A Simple Comparison
A thought experiment on what we have seen in Portland.
There is an awful lot to say and think about as it pertains to the unfolding events in Portland, Oregon, and specifically to the involvement and actions of federal law enforcement officials. For this post, let’s just focus on a simple comparison of two scenarios.
Scenario One: An encounter with the local police or sheriff’s office leads to your son being arrested. You are present for the arrest and you can see, both on the arresting officer’s uniform and likely their vehicle what precise law enforcement entity is taking your son into custody as well as the identity of the arresting officer. If it possible that you will be provided a business card with contact information (although, depending on the nature of the encounter, perhaps not). At a minimum, you are aware what government agency has taken your loved one and where they are being taken. You have at least a rough idea of what next steps have to be taken in terms of items like bail and legal representation.
None of the above it to suggest it always proceeds exactly as described, nor am I suggesting the police always behave as they should. However, even in the avalanche of videos of police abuse that we have seen (and that sparked the protests we are discussing), there was no doubt as to whom was responsible, institutionally if not individually.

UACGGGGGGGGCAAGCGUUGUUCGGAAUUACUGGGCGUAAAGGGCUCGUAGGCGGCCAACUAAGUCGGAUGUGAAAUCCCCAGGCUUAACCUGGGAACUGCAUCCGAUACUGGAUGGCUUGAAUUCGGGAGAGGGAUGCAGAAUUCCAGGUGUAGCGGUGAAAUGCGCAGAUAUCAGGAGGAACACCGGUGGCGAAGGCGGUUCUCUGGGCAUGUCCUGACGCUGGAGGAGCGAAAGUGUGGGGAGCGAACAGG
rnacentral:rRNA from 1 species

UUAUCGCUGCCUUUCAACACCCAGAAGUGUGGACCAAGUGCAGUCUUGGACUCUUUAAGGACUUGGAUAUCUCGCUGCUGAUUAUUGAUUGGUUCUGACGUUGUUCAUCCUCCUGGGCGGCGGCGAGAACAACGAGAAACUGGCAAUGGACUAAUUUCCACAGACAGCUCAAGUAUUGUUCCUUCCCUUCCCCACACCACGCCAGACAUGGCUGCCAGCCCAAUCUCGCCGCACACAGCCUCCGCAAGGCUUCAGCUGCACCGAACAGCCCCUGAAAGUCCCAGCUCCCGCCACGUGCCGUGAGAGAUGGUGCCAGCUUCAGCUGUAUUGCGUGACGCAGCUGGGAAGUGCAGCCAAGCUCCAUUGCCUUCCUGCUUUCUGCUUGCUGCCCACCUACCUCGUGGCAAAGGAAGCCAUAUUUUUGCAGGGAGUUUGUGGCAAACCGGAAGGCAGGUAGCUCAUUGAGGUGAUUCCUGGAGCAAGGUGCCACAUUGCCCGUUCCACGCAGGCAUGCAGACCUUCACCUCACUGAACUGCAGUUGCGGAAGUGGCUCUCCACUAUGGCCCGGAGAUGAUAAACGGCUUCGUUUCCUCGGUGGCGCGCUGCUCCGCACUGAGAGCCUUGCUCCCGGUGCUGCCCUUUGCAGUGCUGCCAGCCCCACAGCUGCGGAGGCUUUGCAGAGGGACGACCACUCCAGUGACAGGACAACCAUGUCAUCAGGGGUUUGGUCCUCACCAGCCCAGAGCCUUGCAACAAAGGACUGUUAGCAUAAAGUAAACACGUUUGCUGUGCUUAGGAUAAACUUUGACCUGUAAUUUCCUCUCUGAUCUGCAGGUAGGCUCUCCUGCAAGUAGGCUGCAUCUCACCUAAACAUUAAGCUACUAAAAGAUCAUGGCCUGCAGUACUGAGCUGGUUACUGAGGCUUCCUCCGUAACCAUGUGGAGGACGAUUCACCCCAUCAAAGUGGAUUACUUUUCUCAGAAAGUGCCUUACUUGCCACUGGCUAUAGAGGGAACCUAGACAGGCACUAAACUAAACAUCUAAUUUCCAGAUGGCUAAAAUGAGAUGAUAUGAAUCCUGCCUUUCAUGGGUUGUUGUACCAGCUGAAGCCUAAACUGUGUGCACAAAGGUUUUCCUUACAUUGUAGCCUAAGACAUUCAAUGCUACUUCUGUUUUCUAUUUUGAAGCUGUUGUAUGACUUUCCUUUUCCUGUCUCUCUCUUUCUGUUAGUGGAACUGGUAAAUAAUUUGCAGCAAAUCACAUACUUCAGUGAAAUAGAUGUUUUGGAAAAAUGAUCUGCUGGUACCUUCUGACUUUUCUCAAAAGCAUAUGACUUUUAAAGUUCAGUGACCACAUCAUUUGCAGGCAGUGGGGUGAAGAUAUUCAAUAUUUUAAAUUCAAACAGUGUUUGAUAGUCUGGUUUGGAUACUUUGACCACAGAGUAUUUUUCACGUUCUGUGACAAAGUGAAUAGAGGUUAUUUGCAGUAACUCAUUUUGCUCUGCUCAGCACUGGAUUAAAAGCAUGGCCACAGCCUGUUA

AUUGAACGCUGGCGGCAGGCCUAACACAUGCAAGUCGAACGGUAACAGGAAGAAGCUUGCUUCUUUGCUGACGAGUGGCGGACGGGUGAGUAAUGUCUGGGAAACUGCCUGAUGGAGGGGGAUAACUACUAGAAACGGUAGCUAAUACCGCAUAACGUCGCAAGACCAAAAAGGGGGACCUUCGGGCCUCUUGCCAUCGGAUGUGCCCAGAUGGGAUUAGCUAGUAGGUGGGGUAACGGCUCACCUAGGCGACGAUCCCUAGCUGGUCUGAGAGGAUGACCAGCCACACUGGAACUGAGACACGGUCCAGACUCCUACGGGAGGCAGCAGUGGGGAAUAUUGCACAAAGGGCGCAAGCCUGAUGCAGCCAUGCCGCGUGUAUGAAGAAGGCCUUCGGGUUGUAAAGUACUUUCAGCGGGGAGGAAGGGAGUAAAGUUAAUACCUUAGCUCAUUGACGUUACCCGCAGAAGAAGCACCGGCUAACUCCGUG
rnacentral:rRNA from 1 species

Scenario Two: Law enforcement agents (you hope) in uniforms that lack name tags and easily identifiable logos grab your son, place him in an unmarked car, and drive off with him.
What do you do? How do you get him legal help? Where has he been taken? Was he arrested? When will he be released? Was the action legitimate and if it wasn’t, against whom could you file a complaint or lawsuit? Can I bail him out? How can I get him a lawyer?
Anyone who doesn’t understand what the big deal is about these action needs to think about the profound difference between these scenarios.
Scenario One is the way law enforcement in a democratic setting is supposed to work. Scenario Two borders on (if not crosses over into) state terrorism. The goal of essentially anonymous, poorly identified agents taking people into custody at unknown sites with unknown processes is designed to frighten people into submission. Being dragged off the streets and whisked away is terrifying by definition.
This is not an acceptable practice in a democratic country.
It is decidedly not a legitimate means of law enforcement.
A side note: the root of the protest is police misconduct. Adding a new type of bad behavior by a new law enforcement entity is not only not going to quell existing anger, but it is also likely to create more anger.